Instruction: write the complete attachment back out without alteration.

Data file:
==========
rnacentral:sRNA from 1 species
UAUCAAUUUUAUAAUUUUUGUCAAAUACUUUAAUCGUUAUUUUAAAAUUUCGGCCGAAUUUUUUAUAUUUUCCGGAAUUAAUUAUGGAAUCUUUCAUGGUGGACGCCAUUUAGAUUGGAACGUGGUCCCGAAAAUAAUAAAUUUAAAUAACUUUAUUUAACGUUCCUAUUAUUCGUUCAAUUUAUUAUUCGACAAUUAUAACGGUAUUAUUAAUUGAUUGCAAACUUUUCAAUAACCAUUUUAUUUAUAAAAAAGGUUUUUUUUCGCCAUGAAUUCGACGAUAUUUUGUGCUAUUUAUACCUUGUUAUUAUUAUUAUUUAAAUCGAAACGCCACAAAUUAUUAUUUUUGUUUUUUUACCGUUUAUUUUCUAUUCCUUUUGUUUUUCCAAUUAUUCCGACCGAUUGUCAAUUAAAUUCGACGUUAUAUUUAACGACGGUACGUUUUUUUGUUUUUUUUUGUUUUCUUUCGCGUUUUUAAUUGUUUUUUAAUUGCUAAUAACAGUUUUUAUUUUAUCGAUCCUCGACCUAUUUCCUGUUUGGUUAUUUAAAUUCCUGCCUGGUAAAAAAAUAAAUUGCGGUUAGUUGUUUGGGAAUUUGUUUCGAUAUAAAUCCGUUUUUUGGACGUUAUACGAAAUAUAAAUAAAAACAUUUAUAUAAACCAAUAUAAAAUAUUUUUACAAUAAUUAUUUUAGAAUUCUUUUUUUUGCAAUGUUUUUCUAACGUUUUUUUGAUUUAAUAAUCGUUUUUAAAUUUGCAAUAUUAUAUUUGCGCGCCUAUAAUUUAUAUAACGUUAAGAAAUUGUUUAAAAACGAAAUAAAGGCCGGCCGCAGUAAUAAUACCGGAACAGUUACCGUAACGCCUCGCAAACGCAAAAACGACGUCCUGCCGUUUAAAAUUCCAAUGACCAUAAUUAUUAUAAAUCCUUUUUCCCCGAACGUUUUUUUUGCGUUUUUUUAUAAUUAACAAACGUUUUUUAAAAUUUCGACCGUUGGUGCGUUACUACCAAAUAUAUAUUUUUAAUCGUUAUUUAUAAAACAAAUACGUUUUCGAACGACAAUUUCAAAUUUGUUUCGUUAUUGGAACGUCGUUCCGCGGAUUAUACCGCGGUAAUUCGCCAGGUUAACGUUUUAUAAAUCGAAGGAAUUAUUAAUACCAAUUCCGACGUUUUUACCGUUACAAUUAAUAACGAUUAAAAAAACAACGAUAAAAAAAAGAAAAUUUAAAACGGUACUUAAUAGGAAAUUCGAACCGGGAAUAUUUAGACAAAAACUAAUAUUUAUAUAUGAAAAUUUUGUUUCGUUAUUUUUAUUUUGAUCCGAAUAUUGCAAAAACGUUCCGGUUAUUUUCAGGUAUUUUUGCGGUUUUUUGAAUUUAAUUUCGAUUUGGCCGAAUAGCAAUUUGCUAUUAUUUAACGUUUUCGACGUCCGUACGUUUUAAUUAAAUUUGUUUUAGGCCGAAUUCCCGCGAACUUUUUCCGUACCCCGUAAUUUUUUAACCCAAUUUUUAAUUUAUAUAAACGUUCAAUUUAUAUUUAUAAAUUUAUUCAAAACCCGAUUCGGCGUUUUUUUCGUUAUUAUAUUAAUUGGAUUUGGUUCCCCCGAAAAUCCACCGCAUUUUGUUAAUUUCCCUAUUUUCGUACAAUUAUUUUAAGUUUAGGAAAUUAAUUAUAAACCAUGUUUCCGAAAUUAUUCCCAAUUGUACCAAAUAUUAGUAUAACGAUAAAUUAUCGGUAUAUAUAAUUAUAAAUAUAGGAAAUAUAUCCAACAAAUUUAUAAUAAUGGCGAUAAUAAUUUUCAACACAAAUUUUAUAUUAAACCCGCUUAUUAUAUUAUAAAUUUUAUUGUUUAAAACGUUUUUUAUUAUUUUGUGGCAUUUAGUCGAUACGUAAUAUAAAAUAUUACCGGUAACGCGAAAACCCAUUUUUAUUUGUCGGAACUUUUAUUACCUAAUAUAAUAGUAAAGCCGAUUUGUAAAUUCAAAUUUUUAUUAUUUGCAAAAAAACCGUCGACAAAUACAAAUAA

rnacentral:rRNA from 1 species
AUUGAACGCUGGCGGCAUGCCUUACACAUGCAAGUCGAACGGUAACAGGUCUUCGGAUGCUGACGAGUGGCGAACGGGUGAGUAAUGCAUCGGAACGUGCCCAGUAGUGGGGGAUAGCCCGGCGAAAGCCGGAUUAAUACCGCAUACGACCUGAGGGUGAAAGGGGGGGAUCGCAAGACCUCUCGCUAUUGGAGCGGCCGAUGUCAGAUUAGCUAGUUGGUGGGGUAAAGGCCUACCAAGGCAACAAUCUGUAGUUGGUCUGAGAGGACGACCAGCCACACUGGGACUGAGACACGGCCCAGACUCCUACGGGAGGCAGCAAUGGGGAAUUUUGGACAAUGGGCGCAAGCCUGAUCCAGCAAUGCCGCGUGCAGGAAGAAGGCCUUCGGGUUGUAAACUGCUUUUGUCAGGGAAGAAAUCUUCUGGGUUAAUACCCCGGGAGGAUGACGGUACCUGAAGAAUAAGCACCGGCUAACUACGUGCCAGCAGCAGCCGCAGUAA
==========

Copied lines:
rnacentral:sRNA from 1 species
UAUCAAUUUUAUAAUUUUUGUCAAAUACUUUAAUCGUUAUUUUAAAAUUUCGGCCGAAUUUUUUAUAUUUUCCGGAAUUAAUUAUGGAAUCUUUCAUGGUGGACGCCAUUUAGAUUGGAACGUGGUCCCGAAAAUAAUAAAUUUAAAUAACUUUAUUUAACGUUCCUAUUAUUCGUUCAAUUUAUUAUUCGACAAUUAUAACGGUAUUAUUAAUUGAUUGCAAACUUUUCAAUAACCAUUUUAUUUAUAAAAAAGGUUUUUUUUCGCCAUGAAUUCGACGAUAUUUUGUGCUAUUUAUACCUUGUUAUUAUUAUUAUUUAAAUCGAAACGCCACAAAUUAUUAUUUUUGUUUUUUUACCGUUUAUUUUCUAUUCCUUUUGUUUUUCCAAUUAUUCCGACCGAUUGUCAAUUAAAUUCGACGUUAUAUUUAACGACGGUACGUUUUUUUGUUUUUUUUUGUUUUCUUUCGCGUUUUUAAUUGUUUUUUAAUUGCUAAUAACAGUUUUUAUUUUAUCGAUCCUCGACCUAUUUCCUGUUUGGUUAUUUAAAUUCCUGCCUGGUAAAAAAAUAAAUUGCGGUUAGUUGUUUGGGAAUUUGUUUCGAUAUAAAUCCGUUUUUUGGACGUUAUACGAAAUAUAAAUAAAAACAUUUAUAUAAACCAAUAUAAAAUAUUUUUACAAUAAUUAUUUUAGAAUUCUUUUUUUUGCAAUGUUUUUCUAACGUUUUUUUGAUUUAAUAAUCGUUUUUAAAUUUGCAAUAUUAUAUUUGCGCGCCUAUAAUUUAUAUAACGUUAAGAAAUUGUUUAAAAACGAAAUAAAGGCCGGCCGCAGUAAUAAUACCGGAACAGUUACCGUAACGCCUCGCAAACGCAAAAACGACGUCCUGCCGUUUAAAAUUCCAAUGACCAUAAUUAUUAUAAAUCCUUUUUCCCCGAACGUUUUUUUUGCGUUUUUUUAUAAUUAACAAACGUUUUUUAAAAUUUCGACCGUUGGUGCGUUACUACCAAAUAUAUAUUUUUAAUCGUUAUUUAUAAAACAAAUACGUUUUCGAACGACAAUUUCAAAUUUGUUUCGUUAUUGGAACGUCGUUCCGCGGAUUAUACCGCGGUAAUUCGCCAGGUUAACGUUUUAUAAAUCGAAGGAAUUAUUAAUACCAAUUCCGACGUUUUUACCGUUACAAUUAAUAACGAUUAAAAAAACAACGAUAAAAAAAAGAAAAUUUAAAACGGUACUUAAUAGGAAAUUCGAACCGGGAAUAUUUAGACAAAAACUAAUAUUUAUAUAUGAAAAUUUUGUUUCGUUAUUUUUAUUUUGAUCCGAAUAUUGCAAAAACGUUCCGGUUAUUUUCAGGUAUUUUUGCGGUUUUUUGAAUUUAAUUUCGAUUUGGCCGAAUAGCAAUUUGCUAUUAUUUAACGUUUUCGACGUCCGUACGUUUUAAUUAAAUUUGUUUUAGGCCGAAUUCCCGCGAACUUUUUCCGUACCCCGUAAUUUUUUAACCCAAUUUUUAAUUUAUAUAAACGUUCAAUUUAUAUUUAUAAAUUUAUUCAAAACCCGAUUCGGCGUUUUUUUCGUUAUUAUAUUAAUUGGAUUUGGUUCCCCCGAAAAUCCACCGCAUUUUGUUAAUUUCCCUAUUUUCGUACAAUUAUUUUAAGUUUAGGAAAUUAAUUAUAAACCAUGUUUCCGAAAUUAUUCCCAAUUGUACCAAAUAUUAGUAUAACGAUAAAUUAUCGGUAUAUAUAAUUAUAAAUAUAGGAAAUAUAUCCAACAAAUUUAUAAUAAUGGCGAUAAUAAUUUUCAACACAAAUUUUAUAUUAAACCCGCUUAUUAUAUUAUAAAUUUUAUUGUUUAAAACGUUUUUUAUUAUUUUGUGGCAUUUAGUCGAUACGUAAUAUAAAAUAUUACCGGUAACGCGAAAACCCAUUUUUAUUUGUCGGAACUUUUAUUACCUAAUAUAAUAGUAAAGCCGAUUUGUAAAUUCAAAUUUUUAUUAUUUGCAAAAAAACCGUCGACAAAUACAAAUAA

rnacentral:rRNA from 1 species
AUUGAACGCUGGCGGCAUGCCUUACACAUGCAAGUCGAACGGUAACAGGUCUUCGGAUGCUGACGAGUGGCGAACGGGUGAGUAAUGCAUCGGAACGUGCCCAGUAGUGGGGGAUAGCCCGGCGAAAGCCGGAUUAAUACCGCAUACGACCUGAGGGUGAAAGGGGGGGAUCGCAAGACCUCUCGCUAUUGGAGCGGCCGAUGUCAGAUUAGCUAGUUGGUGGGGUAAAGGCCUACCAAGGCAACAAUCUGUAGUUGGUCUGAGAGGACGACCAGCCACACUGGGACUGAGACACGGCCCAGACUCCUACGGGAGGCAGCAAUGGGGAAUUUUGGACAAUGGGCGCAAGCCUGAUCCAGCAAUGCCGCGUGCAGGAAGAAGGCCUUCGGGUUGUAAACUGCUUUUGUCAGGGAAGAAAUCUUCUGGGUUAAUACCCCGGGAGGAUGACGGUACCUGAAGAAUAAGCACCGGCUAACUACGUGCCAGCAGCAGCCGCAGUAA